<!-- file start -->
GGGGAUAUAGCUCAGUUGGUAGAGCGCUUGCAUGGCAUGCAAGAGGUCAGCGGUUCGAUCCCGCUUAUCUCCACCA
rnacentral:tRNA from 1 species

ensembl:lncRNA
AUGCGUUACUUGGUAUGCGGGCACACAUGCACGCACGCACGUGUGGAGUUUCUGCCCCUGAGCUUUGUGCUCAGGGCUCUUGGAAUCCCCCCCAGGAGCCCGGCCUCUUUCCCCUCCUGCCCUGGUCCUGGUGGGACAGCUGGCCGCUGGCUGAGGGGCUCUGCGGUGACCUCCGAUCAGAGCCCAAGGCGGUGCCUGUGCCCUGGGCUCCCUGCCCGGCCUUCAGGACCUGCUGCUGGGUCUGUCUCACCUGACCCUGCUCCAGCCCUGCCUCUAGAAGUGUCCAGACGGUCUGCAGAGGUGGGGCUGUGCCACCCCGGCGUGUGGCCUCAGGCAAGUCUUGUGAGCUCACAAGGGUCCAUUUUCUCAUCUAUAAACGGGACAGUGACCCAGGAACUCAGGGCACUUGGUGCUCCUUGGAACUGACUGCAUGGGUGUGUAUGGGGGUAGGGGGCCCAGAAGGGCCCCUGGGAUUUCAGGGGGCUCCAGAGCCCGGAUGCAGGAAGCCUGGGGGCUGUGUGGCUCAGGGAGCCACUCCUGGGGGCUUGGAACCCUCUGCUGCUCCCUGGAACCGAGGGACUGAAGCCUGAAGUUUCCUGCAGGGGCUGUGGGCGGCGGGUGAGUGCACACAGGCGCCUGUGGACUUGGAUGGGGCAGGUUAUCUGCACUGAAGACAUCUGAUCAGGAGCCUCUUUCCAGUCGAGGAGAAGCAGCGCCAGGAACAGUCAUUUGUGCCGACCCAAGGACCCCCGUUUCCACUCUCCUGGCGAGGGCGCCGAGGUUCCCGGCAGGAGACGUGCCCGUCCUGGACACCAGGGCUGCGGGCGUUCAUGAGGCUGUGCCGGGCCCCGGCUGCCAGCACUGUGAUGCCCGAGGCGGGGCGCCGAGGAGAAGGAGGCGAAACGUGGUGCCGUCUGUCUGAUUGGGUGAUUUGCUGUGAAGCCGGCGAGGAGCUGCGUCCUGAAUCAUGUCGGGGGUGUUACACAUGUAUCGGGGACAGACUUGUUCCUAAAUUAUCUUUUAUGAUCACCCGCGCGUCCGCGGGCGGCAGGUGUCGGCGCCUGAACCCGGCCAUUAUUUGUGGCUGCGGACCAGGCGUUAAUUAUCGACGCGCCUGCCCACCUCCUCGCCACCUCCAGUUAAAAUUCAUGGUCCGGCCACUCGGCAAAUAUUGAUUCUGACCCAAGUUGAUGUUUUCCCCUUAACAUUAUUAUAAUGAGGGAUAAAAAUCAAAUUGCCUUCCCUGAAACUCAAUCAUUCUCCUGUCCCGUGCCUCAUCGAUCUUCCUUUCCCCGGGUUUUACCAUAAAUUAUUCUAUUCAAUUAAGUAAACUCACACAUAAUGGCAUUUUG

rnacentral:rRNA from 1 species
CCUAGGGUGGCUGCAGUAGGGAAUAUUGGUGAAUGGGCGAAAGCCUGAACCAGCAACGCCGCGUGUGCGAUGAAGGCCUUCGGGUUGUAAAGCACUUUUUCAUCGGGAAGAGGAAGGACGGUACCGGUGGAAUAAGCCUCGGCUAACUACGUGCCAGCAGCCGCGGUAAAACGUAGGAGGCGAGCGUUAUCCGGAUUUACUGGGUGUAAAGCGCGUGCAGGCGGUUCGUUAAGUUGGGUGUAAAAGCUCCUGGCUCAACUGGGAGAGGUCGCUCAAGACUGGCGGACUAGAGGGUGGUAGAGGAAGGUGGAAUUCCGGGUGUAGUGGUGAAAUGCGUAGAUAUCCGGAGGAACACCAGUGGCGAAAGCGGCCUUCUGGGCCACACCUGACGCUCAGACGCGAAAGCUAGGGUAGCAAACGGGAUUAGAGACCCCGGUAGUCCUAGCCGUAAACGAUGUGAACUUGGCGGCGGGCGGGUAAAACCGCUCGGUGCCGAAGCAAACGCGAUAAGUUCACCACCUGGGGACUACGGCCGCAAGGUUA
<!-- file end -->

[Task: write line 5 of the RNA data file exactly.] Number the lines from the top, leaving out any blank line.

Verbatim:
rnacentral:rRNA from 1 species